Car Towed; Ryan and Lauren Mad

Yesterday’s post on correct

driving procedures certainly got people talking! There were people on both sides of the argument, just as one would expect. Even though the MN Department of Transportation has tried to make drivers aware that they’re supposed to fill all open lanes, people still worry about facing the wrath of their fellow drivers and take the safe way and stick to the right. I doubt that will ever change. Oh well, new topic!

Sort of. It still involves me and Lauren and our car(s). As I’ve complained about before, our apartment super decided to go on a power trip and disallow more than one vehicle per unit in our parking lot. This unfortunately is taking place the same time Minneapolis has severely restricted parking due to this winter’s massive snowfall, so there are only half the street parking spots as normal. So, we have had trouble finding a place to park the Grand Prix when not in use.

Sunday, Lauren drove the Grand Prix home from visiting Sarah and parked where she could find a spot on the street corner. It was a questionable parking spot; Lauren even asked me to peek out the window and give my opinion on whether or not it was too close to the fire hydrant. But we both agreed that it appeared to be at least the mandatory ten feet away and left it alone.

Monday we got home from work, and I was about to head over to Walsh’s for a podcast dry run, when I looked out the window and noticed our car was gone. I checked on the city impound lot website and sure enough, it had been towed. I got down to the impound lot and after standing in line for a half hour, the man at the counter looked through my file. “Wow, it says here you were 8 feet, 9 inches away from a fire hydrant. I guess they got the tape measure out!”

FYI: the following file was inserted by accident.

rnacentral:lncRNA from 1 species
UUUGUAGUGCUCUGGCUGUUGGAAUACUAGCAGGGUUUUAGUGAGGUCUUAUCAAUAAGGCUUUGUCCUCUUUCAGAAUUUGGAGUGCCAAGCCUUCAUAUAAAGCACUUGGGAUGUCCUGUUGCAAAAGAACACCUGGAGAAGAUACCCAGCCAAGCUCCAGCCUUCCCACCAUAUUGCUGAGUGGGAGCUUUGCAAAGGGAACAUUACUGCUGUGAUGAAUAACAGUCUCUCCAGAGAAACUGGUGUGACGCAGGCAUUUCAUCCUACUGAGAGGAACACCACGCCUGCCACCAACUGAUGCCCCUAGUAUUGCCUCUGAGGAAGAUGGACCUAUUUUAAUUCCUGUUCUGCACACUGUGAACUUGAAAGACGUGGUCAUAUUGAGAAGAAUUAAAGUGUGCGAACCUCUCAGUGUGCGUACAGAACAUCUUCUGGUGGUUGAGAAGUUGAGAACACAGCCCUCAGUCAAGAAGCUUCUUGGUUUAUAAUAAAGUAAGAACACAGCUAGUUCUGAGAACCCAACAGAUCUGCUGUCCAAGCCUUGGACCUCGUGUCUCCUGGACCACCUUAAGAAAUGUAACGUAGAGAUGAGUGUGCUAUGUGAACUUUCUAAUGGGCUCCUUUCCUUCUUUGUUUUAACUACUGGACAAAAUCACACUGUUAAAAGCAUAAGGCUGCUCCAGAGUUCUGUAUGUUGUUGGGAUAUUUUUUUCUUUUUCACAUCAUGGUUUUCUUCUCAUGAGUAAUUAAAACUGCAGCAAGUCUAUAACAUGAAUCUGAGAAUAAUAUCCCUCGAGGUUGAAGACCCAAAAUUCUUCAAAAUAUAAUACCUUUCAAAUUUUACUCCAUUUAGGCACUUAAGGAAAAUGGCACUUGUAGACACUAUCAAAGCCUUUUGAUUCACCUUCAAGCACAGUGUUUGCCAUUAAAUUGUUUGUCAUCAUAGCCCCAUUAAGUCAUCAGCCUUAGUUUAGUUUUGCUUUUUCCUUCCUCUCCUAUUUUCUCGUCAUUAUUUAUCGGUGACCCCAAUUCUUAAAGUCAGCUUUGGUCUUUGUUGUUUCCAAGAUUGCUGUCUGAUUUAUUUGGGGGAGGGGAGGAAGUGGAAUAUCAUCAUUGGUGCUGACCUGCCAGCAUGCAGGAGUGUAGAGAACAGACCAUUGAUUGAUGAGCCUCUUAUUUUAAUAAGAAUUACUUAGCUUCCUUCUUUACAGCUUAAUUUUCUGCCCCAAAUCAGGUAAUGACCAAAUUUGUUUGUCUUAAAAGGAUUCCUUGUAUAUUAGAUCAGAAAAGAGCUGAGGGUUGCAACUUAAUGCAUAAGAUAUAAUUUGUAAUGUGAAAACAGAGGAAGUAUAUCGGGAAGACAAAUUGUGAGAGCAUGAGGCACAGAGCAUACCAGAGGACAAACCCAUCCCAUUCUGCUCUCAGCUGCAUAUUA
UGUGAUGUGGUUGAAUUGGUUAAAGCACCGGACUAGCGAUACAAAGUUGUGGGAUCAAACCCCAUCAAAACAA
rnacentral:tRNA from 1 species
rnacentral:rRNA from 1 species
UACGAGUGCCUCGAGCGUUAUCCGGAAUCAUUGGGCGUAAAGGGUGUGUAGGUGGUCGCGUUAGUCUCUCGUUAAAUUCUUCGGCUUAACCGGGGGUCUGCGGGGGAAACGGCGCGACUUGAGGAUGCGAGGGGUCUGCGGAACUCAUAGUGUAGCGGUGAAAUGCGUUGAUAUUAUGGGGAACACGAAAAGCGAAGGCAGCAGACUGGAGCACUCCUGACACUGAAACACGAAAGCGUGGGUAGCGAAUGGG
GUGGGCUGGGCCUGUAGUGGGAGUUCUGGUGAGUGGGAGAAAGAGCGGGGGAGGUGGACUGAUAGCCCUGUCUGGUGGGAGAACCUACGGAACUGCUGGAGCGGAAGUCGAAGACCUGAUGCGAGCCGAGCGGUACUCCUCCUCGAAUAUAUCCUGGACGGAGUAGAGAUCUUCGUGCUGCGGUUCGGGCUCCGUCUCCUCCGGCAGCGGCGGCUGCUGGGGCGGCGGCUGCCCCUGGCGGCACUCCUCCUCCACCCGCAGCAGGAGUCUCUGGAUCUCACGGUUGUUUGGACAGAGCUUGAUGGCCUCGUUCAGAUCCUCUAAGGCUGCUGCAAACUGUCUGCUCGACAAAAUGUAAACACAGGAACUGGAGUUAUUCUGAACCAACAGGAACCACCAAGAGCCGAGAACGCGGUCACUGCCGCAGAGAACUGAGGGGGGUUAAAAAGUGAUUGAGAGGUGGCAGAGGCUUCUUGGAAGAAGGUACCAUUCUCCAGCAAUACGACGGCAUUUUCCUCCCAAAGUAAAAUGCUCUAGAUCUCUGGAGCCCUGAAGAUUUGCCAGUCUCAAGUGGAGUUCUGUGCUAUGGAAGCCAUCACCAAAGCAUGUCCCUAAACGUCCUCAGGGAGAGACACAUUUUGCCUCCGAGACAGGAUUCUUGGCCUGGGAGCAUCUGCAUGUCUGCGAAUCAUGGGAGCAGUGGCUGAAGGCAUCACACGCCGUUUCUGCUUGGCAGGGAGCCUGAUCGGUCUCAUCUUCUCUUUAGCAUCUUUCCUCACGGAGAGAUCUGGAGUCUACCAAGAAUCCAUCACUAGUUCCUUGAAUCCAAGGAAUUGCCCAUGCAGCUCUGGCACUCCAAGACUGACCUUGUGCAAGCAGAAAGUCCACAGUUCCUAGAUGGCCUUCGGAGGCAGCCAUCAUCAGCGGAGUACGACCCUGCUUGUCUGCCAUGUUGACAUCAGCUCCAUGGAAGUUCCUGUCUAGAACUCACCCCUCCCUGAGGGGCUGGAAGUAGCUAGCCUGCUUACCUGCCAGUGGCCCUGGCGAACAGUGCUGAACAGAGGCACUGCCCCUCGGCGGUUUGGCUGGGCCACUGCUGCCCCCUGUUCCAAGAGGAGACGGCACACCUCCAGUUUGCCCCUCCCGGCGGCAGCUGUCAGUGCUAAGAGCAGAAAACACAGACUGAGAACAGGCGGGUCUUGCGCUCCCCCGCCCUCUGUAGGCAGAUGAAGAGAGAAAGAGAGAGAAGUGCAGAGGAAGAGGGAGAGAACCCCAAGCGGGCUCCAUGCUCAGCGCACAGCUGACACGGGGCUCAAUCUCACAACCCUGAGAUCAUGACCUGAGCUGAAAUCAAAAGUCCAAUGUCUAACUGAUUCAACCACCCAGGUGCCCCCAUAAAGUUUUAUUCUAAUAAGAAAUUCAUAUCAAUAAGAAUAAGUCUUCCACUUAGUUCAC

He went on to say he was surprised that they measured so precisely, and that they towed for such an infraction; normally it would be just a ticket. But the traffic cop must have been in an ornery mood on Valentine’s Day and called the towing company. $170 later, I had the car back.

Now you readers might be saying that it’s our fault, the law’s the law, we parked too close to a hydrant, etc. If there had been a fire that day, we would have been blocking the fire trucks. While I am angry with the city, I don’t place the blame squarely on them. I blame our apartment super who imposed this absurd rule at the worst of times.

Here’s why… There was never a parking problem! Our lot was rarely full to begin with. We think this new lady in charge just wanted to show off her newly acquired power and make a rule change. Now with the parking lot restriction and stickers in legal cars’ windows, there are routinely three or four spots open every night. It’s clear that some tenants in our building do not own cars, or maybe work night jobs.

Lauren had to park on 28th & Aldrich one wintry night (4 blocks away) with grocery bags in both arms, only to get back to the apartment and see several open spots. To make matters more aggravating, the super’s teenage daughter had several friends over and Lauren saw them park illegally in our lot.

I guess in short I am just once again reiterating how I am tired of living in our apartment. I will be 29 this year; I think the new goal must be for us to live in an actual house by the time I turn 30. Then we will have our own driveway and/or garage and no one can tell us where we can leave our idle vehicles set when not in use.

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2 comments

  1. Why don’t you do a little investigating and find out if one the tenants that doesn’t have a car would tell the land lord that you could have their spot?

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